Apple’s Falling Stock Has Analysts Questioning the Company’s Dominance

Apple’s stock has entered bear-market territory. Nina Strochlic explains why.

A brand new iPad Mini, along with a revamped iPhone 5 and speedier regular iPad apparently haven’t been enough to stop Apple’s stock from a steady decline. Despite the onslaught of new Apple products released in the last few months, the tech giant is in worrisome territory—on Wednesday Apple stock hit a five-month low: 20 percent below the record high it reached in September. Meanwhile, executives are leaving, and competitors are taking a bite out of Apple franchises. Could this be the end of Apple as we know it? Are we witnessing the Apple-pocalypse?

When the iPhone 5 was released on Sept. 21, Apple stock, the most valuable company on the NASDAQ, reached an incredibly high price of $705.07 per share. On Thursday morning it had fallen to $549.38, officially putting the stock in bear market territory (defined as a 20 percent decline in a two-month period). For the last two quarters, Apple has failed to meet Wall Street’s forecasts.

Van Baker, research vice president at tech research firm Gartner, attributes the sudden slip to a “perfect storm” of three recent events: the departure of iOS mastermind Scott Forstall and research chief John Browett at the end of October, concern over supply-chain constraints that are hindering sales, and a lack of completely new, innovative products. Since Steve Jobs died, all recent Apple releases have been iterations or improvements on existing products. This may be worrying consumers who wonder if Apple still has the ability to shock the market with something as revolutionary as the iPhone again, Baker says.

But fears over Apple’s future don’t stem just from what is happening inside Apple. The company is facing stronger and increasingly more aggressive competition than ever. Apple has historically reaped the reward of slow-to-adapt competitors and their skepticism around the viability of its products. When the company first started releasing its revolutionary products, rivals were often years behind. Remember the Blackberry? Or the Zune? “The industry in general has gotten a lot faster paced. Innovations happen on a much more rapid basis,” Baker explains.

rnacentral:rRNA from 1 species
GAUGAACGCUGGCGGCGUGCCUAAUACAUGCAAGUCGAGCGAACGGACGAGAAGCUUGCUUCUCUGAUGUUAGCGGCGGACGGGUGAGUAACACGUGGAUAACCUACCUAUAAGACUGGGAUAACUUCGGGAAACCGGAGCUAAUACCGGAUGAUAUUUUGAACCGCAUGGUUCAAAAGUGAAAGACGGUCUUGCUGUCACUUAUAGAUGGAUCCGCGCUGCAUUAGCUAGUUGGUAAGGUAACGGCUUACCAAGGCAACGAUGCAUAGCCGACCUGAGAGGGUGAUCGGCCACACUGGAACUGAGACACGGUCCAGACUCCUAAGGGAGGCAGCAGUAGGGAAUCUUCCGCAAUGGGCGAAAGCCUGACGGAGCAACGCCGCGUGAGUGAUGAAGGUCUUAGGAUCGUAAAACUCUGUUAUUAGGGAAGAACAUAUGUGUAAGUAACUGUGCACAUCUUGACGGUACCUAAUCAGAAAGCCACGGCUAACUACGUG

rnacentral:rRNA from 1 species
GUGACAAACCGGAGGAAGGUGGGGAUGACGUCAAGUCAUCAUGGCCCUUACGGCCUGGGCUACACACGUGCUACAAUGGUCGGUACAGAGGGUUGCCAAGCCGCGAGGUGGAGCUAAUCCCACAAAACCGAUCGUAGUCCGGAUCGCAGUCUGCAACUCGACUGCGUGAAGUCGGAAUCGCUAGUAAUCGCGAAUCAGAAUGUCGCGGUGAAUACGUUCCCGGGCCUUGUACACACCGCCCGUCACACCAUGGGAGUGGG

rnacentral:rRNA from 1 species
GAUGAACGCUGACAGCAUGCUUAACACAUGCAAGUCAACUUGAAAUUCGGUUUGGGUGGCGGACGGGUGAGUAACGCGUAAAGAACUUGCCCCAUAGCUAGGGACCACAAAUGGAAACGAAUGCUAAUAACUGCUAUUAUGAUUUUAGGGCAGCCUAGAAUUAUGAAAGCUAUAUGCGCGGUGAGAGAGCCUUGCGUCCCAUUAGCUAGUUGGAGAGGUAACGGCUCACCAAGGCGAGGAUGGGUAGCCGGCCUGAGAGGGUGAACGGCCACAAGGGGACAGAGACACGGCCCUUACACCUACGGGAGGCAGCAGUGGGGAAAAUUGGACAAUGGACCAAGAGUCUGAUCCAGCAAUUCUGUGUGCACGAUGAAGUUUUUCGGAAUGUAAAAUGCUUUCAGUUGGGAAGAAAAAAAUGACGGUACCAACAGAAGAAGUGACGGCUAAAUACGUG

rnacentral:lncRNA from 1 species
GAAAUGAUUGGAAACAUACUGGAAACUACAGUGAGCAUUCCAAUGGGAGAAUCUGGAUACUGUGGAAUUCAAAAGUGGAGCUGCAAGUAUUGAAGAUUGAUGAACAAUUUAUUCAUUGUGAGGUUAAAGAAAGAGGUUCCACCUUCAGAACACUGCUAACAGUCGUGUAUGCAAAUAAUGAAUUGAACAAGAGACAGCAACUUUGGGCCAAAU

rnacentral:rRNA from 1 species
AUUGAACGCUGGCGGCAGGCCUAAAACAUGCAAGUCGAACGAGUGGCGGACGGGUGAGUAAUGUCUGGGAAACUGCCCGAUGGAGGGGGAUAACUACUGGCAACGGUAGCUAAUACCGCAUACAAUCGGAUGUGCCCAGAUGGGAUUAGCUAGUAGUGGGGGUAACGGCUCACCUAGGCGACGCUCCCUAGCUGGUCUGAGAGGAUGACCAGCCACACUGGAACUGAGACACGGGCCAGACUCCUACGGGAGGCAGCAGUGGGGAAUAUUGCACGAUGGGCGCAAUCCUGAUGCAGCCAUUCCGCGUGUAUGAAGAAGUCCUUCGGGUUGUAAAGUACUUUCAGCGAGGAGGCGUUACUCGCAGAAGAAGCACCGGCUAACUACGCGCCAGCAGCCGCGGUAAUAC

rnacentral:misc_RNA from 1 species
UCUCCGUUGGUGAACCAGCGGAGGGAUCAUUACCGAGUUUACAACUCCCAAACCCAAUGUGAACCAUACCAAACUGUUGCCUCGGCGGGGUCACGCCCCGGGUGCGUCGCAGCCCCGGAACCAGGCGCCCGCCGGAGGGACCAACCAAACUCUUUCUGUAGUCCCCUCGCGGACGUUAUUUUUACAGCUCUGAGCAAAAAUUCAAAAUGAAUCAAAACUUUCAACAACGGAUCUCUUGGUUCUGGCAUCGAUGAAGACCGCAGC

While Apple continues to hold an air of superiority over competitors struggling to catch up to iPad and iPhone success, products like Microsoft’s recently released Surface tablet and Android phones are quickly gaining traction in the marketplace and could be humbling to the tech giant. Microsoft, Samsung, Google, and Amazon are all on Apple’s heels. On Monday, KPCB partner Mary Meeker presented research showing Android phone adoption is six times faster than the iPhone. Then, on Thursday, Strategy Analytics, a Boston-based research firm, announced that Samsung’s Galaxy S III overtook Apple’s iPhone 4S as the world’s highest-selling smartphone for the first time in the third quarter. The firm’s director noted this was unlikely to last, but the message to Apple is clear: watch your back.

This sharp decline in Apple’s stock seems strange coming after high sales reports from Apple. Last Monday, Apple announced it had sold 3 million iPads since the Nov. 2 release of the mini and the newly updated iPad. That’s double the company’s previous record of 1.5 million units of the iPad 3 over a three-day period. “We’re working hard to build more quickly to meet the incredible demand,” said CEO Tim Cook in the aftermath. But the release of the iPad Mini marked two foreboding signs for the company. Its recent foray into the seven-inch tablet market was the first time it had ever followed competitors into a market, and not vice versa. And the company was expressly going against the wishes of Steve Jobs, who had eschewed the idea of a smaller tablet. “They basically left the door open ... and Amazon and Google moved in very aggressively,” Baker says.

“[Apple] hasn’t introduced a truly new product since the launch of the iPad nearly three years ago; instead it’s making incremental and overhyped improvements to its current lines,” wrote Dan Crow, an early Apple software engineer, in an article for The Guardian. Crow predicted the company’s turn for the worst in a post-Jobs era. “Though the company will continue to see great success, will create amazing new products and will continue to make bucket loads of money, the pace will slacken, more mistakes will happen and it will not return to the levels of execution and brilliance we saw in the first decade of this millennium,” he wrote.

In the wake of these disappointing numbers and strong competition, is it time for the company to revamp its strategy? Baker doesn’t necessarily think so. “It’s not like they really failed at anything,” he says. “It’s just that there’s been some uncertainty in the market.” Apple is still a wildly successful leader in the field, but in time the world will be expecting something as game changing as the iPod, iPhone, and iPad have been. Said Baker: “They’re going to have to bring something to the market where people will go, ‘Gee, I hadn’t thought of that,’ and they’re going to have to do it well.”